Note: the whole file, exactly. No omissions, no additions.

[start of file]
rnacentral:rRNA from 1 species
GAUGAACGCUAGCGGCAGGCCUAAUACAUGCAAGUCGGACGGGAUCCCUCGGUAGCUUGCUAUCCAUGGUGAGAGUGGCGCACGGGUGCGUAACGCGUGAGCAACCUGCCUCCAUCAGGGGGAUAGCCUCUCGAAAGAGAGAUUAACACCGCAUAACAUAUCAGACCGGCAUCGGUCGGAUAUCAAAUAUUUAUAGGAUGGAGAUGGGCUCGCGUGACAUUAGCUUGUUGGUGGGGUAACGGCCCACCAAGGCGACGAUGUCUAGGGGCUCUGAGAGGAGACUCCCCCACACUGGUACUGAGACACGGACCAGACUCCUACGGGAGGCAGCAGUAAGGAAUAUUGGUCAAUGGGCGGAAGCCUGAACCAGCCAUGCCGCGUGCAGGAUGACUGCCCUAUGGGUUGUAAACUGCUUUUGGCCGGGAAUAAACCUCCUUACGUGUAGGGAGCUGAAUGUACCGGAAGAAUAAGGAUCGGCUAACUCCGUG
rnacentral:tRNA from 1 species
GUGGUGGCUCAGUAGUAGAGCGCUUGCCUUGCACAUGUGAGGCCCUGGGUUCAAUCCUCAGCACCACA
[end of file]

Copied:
rnacentral:rRNA from 1 species
GAUGAACGCUAGCGGCAGGCCUAAUACAUGCAAGUCGGACGGGAUCCCUCGGUAGCUUGCUAUCCAUGGUGAGAGUGGCGCACGGGUGCGUAACGCGUGAGCAACCUGCCUCCAUCAGGGGGAUAGCCUCUCGAAAGAGAGAUUAACACCGCAUAACAUAUCAGACCGGCAUCGGUCGGAUAUCAAAUAUUUAUAGGAUGGAGAUGGGCUCGCGUGACAUUAGCUUGUUGGUGGGGUAACGGCCCACCAAGGCGACGAUGUCUAGGGGCUCUGAGAGGAGACUCCCCCACACUGGUACUGAGACACGGACCAGACUCCUACGGGAGGCAGCAGUAAGGAAUAUUGGUCAAUGGGCGGAAGCCUGAACCAGCCAUGCCGCGUGCAGGAUGACUGCCCUAUGGGUUGUAAACUGCUUUUGGCCGGGAAUAAACCUCCUUACGUGUAGGGAGCUGAAUGUACCGGAAGAAUAAGGAUCGGCUAACUCCGUG
rnacentral:tRNA from 1 species
GUGGUGGCUCAGUAGUAGAGCGCUUGCCUUGCACAUGUGAGGCCCUGGGUUCAAUCCUCAGCACCACA